ARTICLE: Bloodbaths and Red Herrings

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It is not often that a small-time, light-hearted website such as System Wars Magazine would risk its head by sticking it into the hornets’ nest that is the gun crime debate, but when American President Barack Obama introduced new measures to fight gun-related violence, a response was warranted. Among a wide array of new measures, Obama called for the US Congress to invest 10 million dollars into researching a possible link between gun violence and the depiction of violence in media, such as video games[1]. Unsurprisingly, the suggestion sparked outrage among gamers. The implication that their favourite pastime might be related to the recent bloodbaths is a tough pill to swallow for the millions that grew up on games such as Mortal Kombat and Doom without ever having hurt a fly. Though the vast majority of the gamers will have rejected the president’s words immediately, a more thorough analysis makes his proposal seem even more bizarre.

It would be sensible to save the 10 million dollars for more fruitful scientific endeavours.

Should Congress heed Obama’s call for more research, the subsequent study would not be the first attempt to establish a link between virtual and real-world violence. Those who witnessed the media coverage of the Columbine shooting will surely remember how the shooters’ affinity for Doom was presented as a possible cause of their violent actions. Even more recently, the fact that Norwegian mass-murderer Anders Breivik owned a copy of Call of Duty: Modern Warfare 2 (along with 22 million other people) spawned the rumour that he used the game to practice before he went out to kill 69 people. However, perhaps unsurprisingly, these and similar claims have never been substantiated, likely because they were motivated by the necessity of a clear scapegoat rather than factual information.

Do video game developers have blood on their hands?

Do video game developers have blood on their hands?

Still, Obama’s main argument in favour of more research – “we don’t benefit from ignorance” – implies that a link between violent behaviour and violent games has never been taken into consideration before. Given that there have in fact been numerous studies on violent video games, it would be sensible to save the 10 million dollars for more fruitful scientific endeavours. Out of the countless studies that have been conducted on the subject, some found basis to speculate on (temporarily) augmented levels of aggression in gamers, whereas others saw no reason to further explore the hypothesis that violent games cause violent behaviour. At any rate, the ‘ignorance’ mentioned by the President says more about his own obliviousness to decades of research than the existence of a scientific niche.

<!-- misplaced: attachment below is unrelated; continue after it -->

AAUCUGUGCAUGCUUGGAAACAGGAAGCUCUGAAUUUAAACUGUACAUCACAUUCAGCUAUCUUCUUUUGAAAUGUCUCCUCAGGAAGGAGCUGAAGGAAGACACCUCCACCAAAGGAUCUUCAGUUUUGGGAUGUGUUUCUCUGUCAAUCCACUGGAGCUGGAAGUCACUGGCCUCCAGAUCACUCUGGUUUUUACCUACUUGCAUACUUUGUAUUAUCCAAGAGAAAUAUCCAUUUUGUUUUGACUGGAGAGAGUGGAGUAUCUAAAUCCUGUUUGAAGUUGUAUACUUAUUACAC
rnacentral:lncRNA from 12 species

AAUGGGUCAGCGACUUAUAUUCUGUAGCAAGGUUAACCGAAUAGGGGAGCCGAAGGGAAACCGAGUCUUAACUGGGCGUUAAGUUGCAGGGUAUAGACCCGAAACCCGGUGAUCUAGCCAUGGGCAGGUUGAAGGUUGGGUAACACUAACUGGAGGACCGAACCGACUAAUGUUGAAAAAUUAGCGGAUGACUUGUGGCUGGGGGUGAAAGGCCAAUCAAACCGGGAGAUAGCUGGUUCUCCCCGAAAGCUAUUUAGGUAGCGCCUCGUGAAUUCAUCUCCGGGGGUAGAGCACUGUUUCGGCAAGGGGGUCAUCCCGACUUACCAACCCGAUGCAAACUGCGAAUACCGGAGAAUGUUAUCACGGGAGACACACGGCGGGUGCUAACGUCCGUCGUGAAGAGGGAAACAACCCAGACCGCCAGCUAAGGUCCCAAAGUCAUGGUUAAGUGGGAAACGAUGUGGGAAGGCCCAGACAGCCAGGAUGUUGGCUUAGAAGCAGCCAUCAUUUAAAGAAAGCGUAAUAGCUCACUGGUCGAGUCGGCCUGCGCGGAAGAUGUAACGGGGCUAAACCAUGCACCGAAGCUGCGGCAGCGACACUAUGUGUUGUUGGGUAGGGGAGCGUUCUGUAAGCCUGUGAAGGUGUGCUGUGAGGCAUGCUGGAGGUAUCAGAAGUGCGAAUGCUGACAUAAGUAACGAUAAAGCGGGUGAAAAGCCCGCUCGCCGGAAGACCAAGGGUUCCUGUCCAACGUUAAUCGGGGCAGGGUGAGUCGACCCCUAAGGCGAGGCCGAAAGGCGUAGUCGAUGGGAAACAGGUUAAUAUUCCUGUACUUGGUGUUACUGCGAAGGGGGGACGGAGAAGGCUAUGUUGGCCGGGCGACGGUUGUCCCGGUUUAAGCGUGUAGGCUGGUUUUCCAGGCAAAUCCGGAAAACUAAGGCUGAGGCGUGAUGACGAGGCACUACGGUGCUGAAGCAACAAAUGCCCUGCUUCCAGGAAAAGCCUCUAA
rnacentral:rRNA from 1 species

One would think that there is no better time than now to stop beating around the bush.

Curiously, it is still unclear how serious the suggestion of Obama will turn out to be. The 10 million dollar research was but one of many ideas, and it could well be that it was solely intended as an attempt to appease vociferous opponents of gun control by offering a broad range of measures, as to demonstrate that the White House is taking everything into consideration. After all, in the wake of the Sandy Hook elementary school shooting, the National Rifle Association was quick to point its trigger-fingers at films and video games[2]. Moreover, the President’s desire for more research does not explicitly mean that he believes there is indeed a link, let alone that the conclusions of the research will lead to censorship. After all, the idea that virtual violence could be a decisive factor in America’s current gun crime epidemic seems far-fetched when you realise that the same games are being played all over the world without necessarily causing similar patterns of violence. As such, it is to be expected that the President of the United States is wise enough to realise that restricting the depiction of violence in video games is unlikely to contribute to a drop in gun-related crime.

Games such as Grand Theft Auto are often accused of promoting violence.

Games such as Grand Theft Auto are often accused of promoting violence.

However, even if Obama’s plans turn out empty shells, he has insulted not only gamers, but also the academic community. It is not without reason that Dutch video game researcher and journalist dr. David Nieborg described the words of the President as “a slap in the face”[3]. For to suggest that decades of thorough scientific research have resulted in ‘ignorance’ displays a lack of either knowledge of or respect for the many academics who have dedicated their careers to investigating the possibility of a link between virtual and real-world violence. Moreover, now that gun violence is sweeping across America, one would think that there is no better time than now to stop beating around the bush and address the problem with measures that will harvest results rather than votes. A red herring may temporarily boost approval rates, but it will surely not prevent more lives being lost.

Draugen

Links and sources:
[1] http://www.huffingtonpost.co.uk/2013/01/17/obama-calls-for-10-million-video-game-study_n_2493716.html
[2] http://www.forbes.com/sites/insertcoin/2012/12/21/nra-press-conference-blame-video-games-and-movies-not-guns/
[3] “Barack Obama begrijpt niets van game-onderzoek”, nrc.next 7, no. 216, p. 16. 18-01-13

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